"A lot of those retailers have been struggling so we've made direct representations to government and we hope they can grant an extension to allow those shops to reopen before June."

While recreational angling is free to resume from Wednesday, match fishing and competitions remain banned for the foreseeable future in line with other major sporting events and mass gatherings.

The coarse fishing close season for rivers and some still waters also remains in place until 16 June.

Some commercial fisheries across England will actually remain closed as they choose to "wait and see" how the sport's approach to coming out of lockdown unfolds.

One that will be welcoming anglers back is Makins Fishery, near Nuneaton, in Warwickshire, but under a series of rules and guidelines, including only allowing pre-booked visits and operating strict daytime opening hours.

Wendell Ward, manager of the three-lake facility, has had three phones ringing off the hook since Sunday evening, but stresses anglers will need to be responsible.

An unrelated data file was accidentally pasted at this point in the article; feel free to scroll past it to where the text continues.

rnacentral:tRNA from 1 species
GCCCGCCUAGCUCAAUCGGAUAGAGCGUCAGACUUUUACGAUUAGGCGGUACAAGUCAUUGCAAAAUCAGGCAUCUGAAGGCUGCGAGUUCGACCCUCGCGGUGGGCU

"We have to ensure people can return to fishing in a safe environment," he said.

"Initially I did think it might be a bit too soon to reopen and I would've been happy to wait a bit longer. But if we put the right measures in place and control numbers, people can get back to enjoying the sport.

"I know people have been chomping at the bit to get back out there since lockdown, but I don't want them being careless and reckless.

"Restrictions have been relaxed and reopening is vital for our business, but if people turn up in big groups and car loads, they will be sent away and we'll have to reconsider our choice."
;) Fly fishing in a river, I wonder if it's the new CEO.;)
 

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Have you tried fly fishing for Mullet or Bass, even Mackerel or Garfish?.